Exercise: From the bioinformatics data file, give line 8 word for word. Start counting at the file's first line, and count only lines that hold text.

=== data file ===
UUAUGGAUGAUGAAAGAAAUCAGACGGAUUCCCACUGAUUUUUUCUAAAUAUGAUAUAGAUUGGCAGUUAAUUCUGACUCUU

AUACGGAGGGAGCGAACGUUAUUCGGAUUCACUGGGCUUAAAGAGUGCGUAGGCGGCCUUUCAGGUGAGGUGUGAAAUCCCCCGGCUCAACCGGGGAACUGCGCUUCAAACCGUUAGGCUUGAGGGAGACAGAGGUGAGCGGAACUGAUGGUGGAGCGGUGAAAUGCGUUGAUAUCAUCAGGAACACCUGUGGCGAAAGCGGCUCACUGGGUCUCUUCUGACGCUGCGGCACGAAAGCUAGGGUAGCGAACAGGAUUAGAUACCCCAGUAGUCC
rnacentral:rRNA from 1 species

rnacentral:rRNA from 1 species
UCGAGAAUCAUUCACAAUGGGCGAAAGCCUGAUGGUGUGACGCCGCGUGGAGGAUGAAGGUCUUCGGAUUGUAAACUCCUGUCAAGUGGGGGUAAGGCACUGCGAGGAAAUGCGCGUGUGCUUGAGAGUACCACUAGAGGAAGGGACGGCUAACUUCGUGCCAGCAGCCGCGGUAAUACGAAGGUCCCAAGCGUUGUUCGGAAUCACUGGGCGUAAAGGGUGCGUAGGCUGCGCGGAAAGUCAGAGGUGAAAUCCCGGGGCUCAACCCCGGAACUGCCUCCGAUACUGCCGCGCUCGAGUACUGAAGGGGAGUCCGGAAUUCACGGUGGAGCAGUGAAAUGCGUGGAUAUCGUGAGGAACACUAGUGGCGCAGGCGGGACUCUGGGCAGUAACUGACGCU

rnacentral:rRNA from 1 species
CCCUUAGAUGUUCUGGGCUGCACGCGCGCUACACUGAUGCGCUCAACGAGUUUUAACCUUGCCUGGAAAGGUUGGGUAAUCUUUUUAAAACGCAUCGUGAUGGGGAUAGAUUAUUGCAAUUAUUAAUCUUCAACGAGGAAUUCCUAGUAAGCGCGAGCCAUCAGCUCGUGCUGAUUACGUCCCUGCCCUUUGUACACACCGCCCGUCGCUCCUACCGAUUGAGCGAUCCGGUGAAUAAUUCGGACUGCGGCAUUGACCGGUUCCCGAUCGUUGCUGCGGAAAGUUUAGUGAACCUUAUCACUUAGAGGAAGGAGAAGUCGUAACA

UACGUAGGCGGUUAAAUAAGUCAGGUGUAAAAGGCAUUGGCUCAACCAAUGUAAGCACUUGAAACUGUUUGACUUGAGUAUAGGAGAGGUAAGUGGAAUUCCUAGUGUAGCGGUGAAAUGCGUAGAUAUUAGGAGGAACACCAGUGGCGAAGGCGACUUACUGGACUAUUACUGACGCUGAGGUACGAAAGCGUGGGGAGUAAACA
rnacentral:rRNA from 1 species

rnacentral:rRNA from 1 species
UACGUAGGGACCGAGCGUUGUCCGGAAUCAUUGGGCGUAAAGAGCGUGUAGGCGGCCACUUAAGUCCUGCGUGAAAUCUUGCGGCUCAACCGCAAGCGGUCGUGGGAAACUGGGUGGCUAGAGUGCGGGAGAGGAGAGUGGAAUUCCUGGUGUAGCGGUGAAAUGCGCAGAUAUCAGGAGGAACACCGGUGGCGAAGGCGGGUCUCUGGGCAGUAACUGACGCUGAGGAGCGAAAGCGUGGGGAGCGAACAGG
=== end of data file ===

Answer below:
UACGUAGGCGGUUAAAUAAGUCAGGUGUAAAAGGCAUUGGCUCAACCAAUGUAAGCACUUGAAACUGUUUGACUUGAGUAUAGGAGAGGUAAGUGGAAUUCCUAGUGUAGCGGUGAAAUGCGUAGAUAUUAGGAGGAACACCAGUGGCGAAGGCGACUUACUGGACUAUUACUGACGCUGAGGUACGAAAGCGUGGGGAGUAAACA